The "Think Pink" campaign is part of an awareness and fundraising effort for the Kay Yow/WBCA Cancer Fund. Yow, the long time head coach for North Carolina State, is battling breast cancer for the third time and the Women's Basketball Coaches Association has mobilized a national initiative. For the past few weeks, and continuing this week, colleges and high schools across the country will be holding "Think Pink" games in support of the fund's efforts.

While supporting the cause is pretty much a no-brainier for me, something about watching Rutgers almost upend No. 1 Tennessee Monday night while wearing special pink uniforms inspired me to action. Maybe it was the play of the Scarlet Knights, who came back from an 11-point second-half deficit and really should have won the game. Maybe it was the fact that these players and coaches, all-stars in the game of basketball, had reclaimed pink, the symbol of girliness, while excelling at some of the highest levels of athletics.

Either way, by the end of the game I had already emailed my triathlon coach and told her I wanted to participate in the 4Kay run at the Women's Final Four. The 4K run will be held on April 5. That's the Saturday before the national semifinals and with the run scheduled to go off at 8 a.m. and practices and press conferences not likely to start before 11 a.m., I should have plenty time to participate in the run, grab a shower, and get back to the task of covering the women's national championship event.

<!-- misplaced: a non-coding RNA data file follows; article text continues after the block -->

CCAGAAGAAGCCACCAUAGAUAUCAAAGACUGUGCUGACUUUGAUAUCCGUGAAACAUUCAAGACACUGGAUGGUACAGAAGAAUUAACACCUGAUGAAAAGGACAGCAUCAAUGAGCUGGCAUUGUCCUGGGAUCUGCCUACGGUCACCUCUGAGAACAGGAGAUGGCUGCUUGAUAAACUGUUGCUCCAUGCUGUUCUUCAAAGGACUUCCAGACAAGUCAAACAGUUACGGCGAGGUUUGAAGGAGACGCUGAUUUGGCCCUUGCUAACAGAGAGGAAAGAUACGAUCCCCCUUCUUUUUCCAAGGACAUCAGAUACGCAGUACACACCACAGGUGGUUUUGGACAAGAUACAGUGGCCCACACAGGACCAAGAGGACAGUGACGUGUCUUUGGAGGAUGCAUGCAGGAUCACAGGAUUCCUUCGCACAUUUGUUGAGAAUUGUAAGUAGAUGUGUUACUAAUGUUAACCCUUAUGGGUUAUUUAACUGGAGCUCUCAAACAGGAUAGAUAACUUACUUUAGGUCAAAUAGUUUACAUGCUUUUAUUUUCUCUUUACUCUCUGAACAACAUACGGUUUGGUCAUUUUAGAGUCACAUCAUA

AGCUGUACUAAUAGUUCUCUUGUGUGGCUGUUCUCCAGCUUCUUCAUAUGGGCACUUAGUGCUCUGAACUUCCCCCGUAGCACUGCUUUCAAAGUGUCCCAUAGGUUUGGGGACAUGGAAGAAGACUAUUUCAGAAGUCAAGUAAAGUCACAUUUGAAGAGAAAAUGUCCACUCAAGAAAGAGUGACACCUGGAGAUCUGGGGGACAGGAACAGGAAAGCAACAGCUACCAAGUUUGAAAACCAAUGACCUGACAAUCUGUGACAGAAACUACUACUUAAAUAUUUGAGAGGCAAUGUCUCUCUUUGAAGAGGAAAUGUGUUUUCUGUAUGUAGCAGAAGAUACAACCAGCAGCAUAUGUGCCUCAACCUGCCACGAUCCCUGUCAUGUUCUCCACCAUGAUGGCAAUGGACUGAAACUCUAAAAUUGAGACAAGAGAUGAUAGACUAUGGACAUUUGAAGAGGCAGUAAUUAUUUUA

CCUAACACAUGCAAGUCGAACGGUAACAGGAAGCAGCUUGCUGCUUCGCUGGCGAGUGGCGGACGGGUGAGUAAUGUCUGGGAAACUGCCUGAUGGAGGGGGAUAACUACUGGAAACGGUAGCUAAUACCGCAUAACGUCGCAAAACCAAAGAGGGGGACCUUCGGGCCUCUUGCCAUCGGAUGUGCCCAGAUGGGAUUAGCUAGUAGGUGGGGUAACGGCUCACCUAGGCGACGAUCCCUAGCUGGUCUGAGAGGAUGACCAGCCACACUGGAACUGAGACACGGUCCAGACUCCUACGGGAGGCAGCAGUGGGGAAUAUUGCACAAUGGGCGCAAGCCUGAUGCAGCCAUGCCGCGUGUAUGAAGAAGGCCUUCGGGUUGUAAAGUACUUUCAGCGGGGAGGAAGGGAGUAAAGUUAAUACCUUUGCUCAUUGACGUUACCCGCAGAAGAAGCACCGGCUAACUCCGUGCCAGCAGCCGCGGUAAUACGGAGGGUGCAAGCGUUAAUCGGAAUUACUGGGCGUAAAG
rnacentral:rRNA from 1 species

I can honestly tell you, if they had a "4Kay" run at the Final Four a year ago, I would not have even considered squeezing it into my day. Not even as a walk. Not because I couldn't do it, or wouldn't have wanted to do it.

It's just that I see myself differently now. I'm starting to see myself as an athlete. As someone who competes, even if it's just against my own personal times.

Now, I'll just have to get some pink running shorts and I'll be all set.

Practice like you play

A staple of the language of "coach speak" is the adage to practice like you play.

You will hear coaches and players at all levels repeat this phrase. In the past few weeks, I've heard my fair share of it while covering local college programs.

Why has Niagara hockey gone on a seven-game unbeaten streak at a crucial time in the season? The players attributed part of their success to bringing it in practice every day.

Why did the Canisius women's basketball team struggle this weekend with an overtime loss followed by the worst margin of defeat at home in program history? Head coach Terry Zeh believes a big reason is the lack of effort at daily practice.

Not every single element at practice can be a simulation of a game experience. Nor does bringing intensity and focus mean forgetting that the sport is fun.

But even in my regular spin class, the instructor will tell us that we will get out of the class what we put into it.